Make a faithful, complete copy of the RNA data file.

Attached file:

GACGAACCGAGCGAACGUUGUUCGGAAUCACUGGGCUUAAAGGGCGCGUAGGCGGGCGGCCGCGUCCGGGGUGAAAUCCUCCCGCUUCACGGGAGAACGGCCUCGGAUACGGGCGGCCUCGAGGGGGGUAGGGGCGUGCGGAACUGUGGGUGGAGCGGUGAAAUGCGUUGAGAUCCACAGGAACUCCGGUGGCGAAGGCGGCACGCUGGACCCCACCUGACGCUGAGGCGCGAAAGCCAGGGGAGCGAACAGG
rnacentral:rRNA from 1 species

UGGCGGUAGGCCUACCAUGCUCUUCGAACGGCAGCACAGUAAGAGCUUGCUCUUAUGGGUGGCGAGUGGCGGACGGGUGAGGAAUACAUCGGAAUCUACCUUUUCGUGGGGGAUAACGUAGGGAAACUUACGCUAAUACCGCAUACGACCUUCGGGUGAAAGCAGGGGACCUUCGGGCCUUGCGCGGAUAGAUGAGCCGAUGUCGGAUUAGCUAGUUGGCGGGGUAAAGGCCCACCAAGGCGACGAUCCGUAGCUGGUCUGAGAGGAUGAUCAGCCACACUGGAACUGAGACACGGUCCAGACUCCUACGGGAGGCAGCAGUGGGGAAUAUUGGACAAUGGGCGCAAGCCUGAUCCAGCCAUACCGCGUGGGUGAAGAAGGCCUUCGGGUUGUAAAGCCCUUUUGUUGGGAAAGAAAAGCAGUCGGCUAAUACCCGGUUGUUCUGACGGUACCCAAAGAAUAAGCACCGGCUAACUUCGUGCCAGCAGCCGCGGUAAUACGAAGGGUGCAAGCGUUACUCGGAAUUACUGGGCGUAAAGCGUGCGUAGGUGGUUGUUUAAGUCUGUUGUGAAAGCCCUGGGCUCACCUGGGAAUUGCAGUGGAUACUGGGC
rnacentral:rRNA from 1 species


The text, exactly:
GACGAACCGAGCGAACGUUGUUCGGAAUCACUGGGCUUAAAGGGCGCGUAGGCGGGCGGCCGCGUCCGGGGUGAAAUCCUCCCGCUUCACGGGAGAACGGCCUCGGAUACGGGCGGCCUCGAGGGGGGUAGGGGCGUGCGGAACUGUGGGUGGAGCGGUGAAAUGCGUUGAGAUCCACAGGAACUCCGGUGGCGAAGGCGGCACGCUGGACCCCACCUGACGCUGAGGCGCGAAAGCCAGGGGAGCGAACAGG
rnacentral:rRNA from 1 species

UGGCGGUAGGCCUACCAUGCUCUUCGAACGGCAGCACAGUAAGAGCUUGCUCUUAUGGGUGGCGAGUGGCGGACGGGUGAGGAAUACAUCGGAAUCUACCUUUUCGUGGGGGAUAACGUAGGGAAACUUACGCUAAUACCGCAUACGACCUUCGGGUGAAAGCAGGGGACCUUCGGGCCUUGCGCGGAUAGAUGAGCCGAUGUCGGAUUAGCUAGUUGGCGGGGUAAAGGCCCACCAAGGCGACGAUCCGUAGCUGGUCUGAGAGGAUGAUCAGCCACACUGGAACUGAGACACGGUCCAGACUCCUACGGGAGGCAGCAGUGGGGAAUAUUGGACAAUGGGCGCAAGCCUGAUCCAGCCAUACCGCGUGGGUGAAGAAGGCCUUCGGGUUGUAAAGCCCUUUUGUUGGGAAAGAAAAGCAGUCGGCUAAUACCCGGUUGUUCUGACGGUACCCAAAGAAUAAGCACCGGCUAACUUCGUGCCAGCAGCCGCGGUAAUACGAAGGGUGCAAGCGUUACUCGGAAUUACUGGGCGUAAAGCGUGCGUAGGUGGUUGUUUAAGUCUGUUGUGAAAGCCCUGGGCUCACCUGGGAAUUGCAGUGGAUACUGGGC
rnacentral:rRNA from 1 species